General Motors Co.’s workers at its auto-assembly plant in northern Spain accepted a two-year salary freeze as part of a labor deal aimed at boosting competitiveness against other European factories.
The roughly 6,000 employees at the plant near Zaragoza won’t get a wage increase in 2013 and 2014 as part of a five-year collective bargaining agreement that was voted on yesterday, Pilar Guridi, a Madrid-based spokeswoman for GM’s Spanish division, said today.
The agreement should help the Zaragoza plant be “part of the company’s investment plans and allotment of new models,” the carmaker said in an e-mailed statement.
GM’s European operations, which consist primarily of Ruesselsheim, Germany-based Opel and its British sister brand Vauxhall, have accumulated losses of $18 billion since 1999. The Detroit-based company, which plans to shut a factory in Germany to save costs, aims break even in Europe by 2015.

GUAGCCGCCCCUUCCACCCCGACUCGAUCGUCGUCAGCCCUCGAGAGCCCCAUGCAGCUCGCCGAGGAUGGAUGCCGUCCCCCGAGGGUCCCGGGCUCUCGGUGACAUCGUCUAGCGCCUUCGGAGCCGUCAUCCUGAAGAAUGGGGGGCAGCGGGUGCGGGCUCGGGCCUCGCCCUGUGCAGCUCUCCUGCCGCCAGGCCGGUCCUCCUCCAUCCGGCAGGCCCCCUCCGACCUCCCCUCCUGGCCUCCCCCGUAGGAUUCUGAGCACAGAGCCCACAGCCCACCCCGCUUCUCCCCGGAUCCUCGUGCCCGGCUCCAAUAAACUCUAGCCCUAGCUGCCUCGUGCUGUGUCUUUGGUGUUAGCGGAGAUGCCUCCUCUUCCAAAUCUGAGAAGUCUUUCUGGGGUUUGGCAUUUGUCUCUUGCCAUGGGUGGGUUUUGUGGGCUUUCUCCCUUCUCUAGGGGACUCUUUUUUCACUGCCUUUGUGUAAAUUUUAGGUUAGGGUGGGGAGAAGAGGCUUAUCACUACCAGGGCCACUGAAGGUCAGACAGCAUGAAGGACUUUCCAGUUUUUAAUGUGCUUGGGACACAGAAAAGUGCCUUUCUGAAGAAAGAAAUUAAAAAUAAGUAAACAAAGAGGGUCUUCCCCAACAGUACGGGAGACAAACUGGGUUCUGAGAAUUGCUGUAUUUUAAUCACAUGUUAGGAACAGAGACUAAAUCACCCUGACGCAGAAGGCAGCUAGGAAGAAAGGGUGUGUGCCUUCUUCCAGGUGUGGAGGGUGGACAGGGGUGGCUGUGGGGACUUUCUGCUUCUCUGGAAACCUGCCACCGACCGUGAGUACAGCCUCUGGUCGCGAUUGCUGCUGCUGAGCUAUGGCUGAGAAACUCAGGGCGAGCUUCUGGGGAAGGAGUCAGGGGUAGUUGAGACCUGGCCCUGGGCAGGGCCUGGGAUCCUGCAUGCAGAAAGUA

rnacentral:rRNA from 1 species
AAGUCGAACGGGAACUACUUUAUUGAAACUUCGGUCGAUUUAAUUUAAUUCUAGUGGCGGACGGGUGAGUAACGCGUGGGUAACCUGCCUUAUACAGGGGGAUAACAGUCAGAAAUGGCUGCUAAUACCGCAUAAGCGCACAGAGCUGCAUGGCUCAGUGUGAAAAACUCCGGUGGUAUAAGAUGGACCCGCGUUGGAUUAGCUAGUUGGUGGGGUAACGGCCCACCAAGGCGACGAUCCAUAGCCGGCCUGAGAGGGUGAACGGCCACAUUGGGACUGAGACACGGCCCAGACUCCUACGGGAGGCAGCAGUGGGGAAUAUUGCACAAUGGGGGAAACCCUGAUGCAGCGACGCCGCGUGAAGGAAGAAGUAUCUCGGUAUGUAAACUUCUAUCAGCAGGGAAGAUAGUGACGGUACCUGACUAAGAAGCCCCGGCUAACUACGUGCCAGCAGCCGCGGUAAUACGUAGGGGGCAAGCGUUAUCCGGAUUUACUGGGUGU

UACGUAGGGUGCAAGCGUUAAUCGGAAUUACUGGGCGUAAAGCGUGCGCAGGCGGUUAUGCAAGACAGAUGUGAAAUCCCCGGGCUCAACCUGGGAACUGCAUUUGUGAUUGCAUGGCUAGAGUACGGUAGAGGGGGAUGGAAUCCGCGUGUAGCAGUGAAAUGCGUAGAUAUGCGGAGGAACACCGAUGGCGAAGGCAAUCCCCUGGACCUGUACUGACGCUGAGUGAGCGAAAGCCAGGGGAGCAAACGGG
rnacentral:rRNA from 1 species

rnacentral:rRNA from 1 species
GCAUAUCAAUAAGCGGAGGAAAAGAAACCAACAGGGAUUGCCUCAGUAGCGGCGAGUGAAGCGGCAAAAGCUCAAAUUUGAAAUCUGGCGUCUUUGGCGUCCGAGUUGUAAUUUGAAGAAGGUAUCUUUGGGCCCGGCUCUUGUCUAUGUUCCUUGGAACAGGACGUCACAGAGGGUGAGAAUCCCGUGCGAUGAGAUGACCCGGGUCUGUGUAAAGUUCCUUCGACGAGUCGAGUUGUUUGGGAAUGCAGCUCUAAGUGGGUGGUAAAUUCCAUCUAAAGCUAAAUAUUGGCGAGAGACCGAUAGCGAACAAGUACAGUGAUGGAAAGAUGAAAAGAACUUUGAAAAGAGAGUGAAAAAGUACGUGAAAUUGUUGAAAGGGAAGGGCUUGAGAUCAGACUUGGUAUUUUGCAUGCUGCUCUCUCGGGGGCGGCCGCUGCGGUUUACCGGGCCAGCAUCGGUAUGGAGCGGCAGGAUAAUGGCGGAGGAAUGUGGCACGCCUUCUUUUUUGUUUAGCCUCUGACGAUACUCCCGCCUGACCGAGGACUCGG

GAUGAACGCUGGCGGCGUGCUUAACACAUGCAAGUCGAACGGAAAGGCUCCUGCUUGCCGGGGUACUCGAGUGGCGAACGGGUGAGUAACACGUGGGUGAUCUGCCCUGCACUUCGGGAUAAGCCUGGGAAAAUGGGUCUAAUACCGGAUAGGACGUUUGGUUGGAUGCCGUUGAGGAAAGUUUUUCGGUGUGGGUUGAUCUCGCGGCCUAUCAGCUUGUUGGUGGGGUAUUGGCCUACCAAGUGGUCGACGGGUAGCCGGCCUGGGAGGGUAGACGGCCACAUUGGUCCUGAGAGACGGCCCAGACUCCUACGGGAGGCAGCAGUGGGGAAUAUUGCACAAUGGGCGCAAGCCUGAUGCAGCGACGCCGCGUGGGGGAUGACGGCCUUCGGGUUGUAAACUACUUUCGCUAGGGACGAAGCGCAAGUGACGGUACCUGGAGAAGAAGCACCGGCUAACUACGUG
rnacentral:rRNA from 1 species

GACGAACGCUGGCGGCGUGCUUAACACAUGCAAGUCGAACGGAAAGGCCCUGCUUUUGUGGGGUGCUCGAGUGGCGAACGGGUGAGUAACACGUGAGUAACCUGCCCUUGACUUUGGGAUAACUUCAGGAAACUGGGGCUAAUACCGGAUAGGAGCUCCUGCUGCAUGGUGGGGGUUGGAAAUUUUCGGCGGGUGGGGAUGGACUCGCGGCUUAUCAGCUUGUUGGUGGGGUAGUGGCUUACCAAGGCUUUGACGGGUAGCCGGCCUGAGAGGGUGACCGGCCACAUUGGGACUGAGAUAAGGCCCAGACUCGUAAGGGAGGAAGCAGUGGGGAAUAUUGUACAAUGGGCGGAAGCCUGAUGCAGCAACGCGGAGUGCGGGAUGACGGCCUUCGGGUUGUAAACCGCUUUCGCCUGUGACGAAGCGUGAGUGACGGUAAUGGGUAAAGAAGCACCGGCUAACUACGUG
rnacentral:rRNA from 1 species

Salaries at the Spanish plant, which makes the Corsa subcompact and Meriva small van, could rise as much as 1.5 percent starting in 2015 and will be reviewed in 2016 and 2017 based on potential profit at GM in Europe, Guridi said. Almost 65 percent of workers participating in the ballot voted in favor of the agreement, she said. About 67 percent of the plant’s staff participated in the ballot.
As labor costs fall and Prime Minister Mariano Rajoy’s legislation makes it easier for companies to cut wages and reorganize staff, carmakers including Ford Motor Co., Renault SA and PSA Peugeot Citroen are boosting production in Spain. The government is also offering incentives for drivers willing to part with with their old vehicles after car sales in the country dropped 13 percent last year.